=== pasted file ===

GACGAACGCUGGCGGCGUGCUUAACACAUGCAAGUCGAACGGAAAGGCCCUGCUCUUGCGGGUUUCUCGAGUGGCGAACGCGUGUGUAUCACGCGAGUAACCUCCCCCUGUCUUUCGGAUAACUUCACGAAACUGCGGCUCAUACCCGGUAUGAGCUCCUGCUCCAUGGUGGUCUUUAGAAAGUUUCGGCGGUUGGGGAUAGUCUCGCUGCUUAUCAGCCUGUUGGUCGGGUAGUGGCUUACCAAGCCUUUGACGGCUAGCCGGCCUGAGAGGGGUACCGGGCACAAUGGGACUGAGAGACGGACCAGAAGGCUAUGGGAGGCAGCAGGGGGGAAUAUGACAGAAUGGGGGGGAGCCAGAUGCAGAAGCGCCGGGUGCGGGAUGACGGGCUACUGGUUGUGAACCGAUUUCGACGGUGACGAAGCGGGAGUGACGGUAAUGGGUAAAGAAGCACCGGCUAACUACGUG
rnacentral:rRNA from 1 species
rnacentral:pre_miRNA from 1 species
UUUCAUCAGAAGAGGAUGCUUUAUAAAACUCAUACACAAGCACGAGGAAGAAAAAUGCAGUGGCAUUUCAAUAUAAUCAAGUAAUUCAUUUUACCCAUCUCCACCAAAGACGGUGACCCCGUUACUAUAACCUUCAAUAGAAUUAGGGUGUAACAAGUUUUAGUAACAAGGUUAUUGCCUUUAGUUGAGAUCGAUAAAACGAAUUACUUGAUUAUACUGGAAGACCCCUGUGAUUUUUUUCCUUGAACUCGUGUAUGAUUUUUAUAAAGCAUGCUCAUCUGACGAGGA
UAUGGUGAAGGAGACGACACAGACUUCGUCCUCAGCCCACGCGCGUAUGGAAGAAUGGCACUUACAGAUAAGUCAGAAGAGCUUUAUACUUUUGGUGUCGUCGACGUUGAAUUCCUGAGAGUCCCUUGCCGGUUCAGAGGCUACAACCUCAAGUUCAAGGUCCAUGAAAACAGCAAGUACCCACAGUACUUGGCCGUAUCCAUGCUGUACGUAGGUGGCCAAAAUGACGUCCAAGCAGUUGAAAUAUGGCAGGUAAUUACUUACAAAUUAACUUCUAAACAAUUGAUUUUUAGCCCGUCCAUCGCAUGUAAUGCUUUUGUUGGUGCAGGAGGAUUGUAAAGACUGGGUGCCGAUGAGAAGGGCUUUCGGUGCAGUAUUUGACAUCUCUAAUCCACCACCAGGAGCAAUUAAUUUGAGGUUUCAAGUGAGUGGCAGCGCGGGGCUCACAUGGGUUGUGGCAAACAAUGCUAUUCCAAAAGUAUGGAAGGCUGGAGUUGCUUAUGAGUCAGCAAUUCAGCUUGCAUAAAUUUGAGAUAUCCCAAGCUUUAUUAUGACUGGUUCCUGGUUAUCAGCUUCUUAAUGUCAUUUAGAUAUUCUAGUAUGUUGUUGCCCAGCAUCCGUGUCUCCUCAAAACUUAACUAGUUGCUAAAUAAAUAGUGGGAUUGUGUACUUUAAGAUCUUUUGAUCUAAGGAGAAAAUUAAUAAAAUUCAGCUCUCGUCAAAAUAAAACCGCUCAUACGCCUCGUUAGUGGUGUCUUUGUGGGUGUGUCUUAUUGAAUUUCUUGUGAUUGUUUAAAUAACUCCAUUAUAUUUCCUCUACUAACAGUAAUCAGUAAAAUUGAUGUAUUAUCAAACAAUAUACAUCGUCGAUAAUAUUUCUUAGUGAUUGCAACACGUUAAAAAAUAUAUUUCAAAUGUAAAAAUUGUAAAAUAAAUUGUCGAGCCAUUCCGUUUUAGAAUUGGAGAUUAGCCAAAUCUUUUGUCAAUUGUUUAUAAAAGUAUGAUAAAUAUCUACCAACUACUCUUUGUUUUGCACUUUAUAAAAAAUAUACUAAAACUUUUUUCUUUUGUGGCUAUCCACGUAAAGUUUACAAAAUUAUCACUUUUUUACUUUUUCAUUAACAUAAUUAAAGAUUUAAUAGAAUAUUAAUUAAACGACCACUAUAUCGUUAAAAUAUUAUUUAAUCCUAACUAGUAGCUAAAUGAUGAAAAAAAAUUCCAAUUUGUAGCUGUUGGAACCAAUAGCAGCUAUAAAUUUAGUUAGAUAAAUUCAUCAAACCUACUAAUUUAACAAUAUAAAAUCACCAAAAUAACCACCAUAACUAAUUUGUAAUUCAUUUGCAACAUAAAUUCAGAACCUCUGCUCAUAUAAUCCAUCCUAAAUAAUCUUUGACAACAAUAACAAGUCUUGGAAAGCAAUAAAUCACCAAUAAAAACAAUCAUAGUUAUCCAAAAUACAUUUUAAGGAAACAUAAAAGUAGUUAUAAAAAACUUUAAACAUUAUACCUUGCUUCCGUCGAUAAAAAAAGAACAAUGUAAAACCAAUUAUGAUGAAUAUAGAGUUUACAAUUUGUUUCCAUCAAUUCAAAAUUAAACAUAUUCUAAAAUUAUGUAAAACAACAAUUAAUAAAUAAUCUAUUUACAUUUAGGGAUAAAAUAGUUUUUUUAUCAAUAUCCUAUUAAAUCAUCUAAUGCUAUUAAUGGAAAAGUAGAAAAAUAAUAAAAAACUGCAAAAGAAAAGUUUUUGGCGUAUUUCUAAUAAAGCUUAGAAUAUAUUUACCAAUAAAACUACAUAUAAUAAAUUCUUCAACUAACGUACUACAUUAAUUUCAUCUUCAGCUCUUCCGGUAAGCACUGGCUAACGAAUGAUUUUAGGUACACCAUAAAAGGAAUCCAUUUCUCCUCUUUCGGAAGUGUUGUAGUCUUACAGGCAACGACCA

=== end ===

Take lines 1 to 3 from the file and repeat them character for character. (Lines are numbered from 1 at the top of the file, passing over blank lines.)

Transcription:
GACGAACGCUGGCGGCGUGCUUAACACAUGCAAGUCGAACGGAAAGGCCCUGCUCUUGCGGGUUUCUCGAGUGGCGAACGCGUGUGUAUCACGCGAGUAACCUCCCCCUGUCUUUCGGAUAACUUCACGAAACUGCGGCUCAUACCCGGUAUGAGCUCCUGCUCCAUGGUGGUCUUUAGAAAGUUUCGGCGGUUGGGGAUAGUCUCGCUGCUUAUCAGCCUGUUGGUCGGGUAGUGGCUUACCAAGCCUUUGACGGCUAGCCGGCCUGAGAGGGGUACCGGGCACAAUGGGACUGAGAGACGGACCAGAAGGCUAUGGGAGGCAGCAGGGGGGAAUAUGACAGAAUGGGGGGGAGCCAGAUGCAGAAGCGCCGGGUGCGGGAUGACGGGCUACUGGUUGUGAACCGAUUUCGACGGUGACGAAGCGGGAGUGACGGUAAUGGGUAAAGAAGCACCGGCUAACUACGUG
rnacentral:rRNA from 1 species
rnacentral:pre_miRNA from 1 species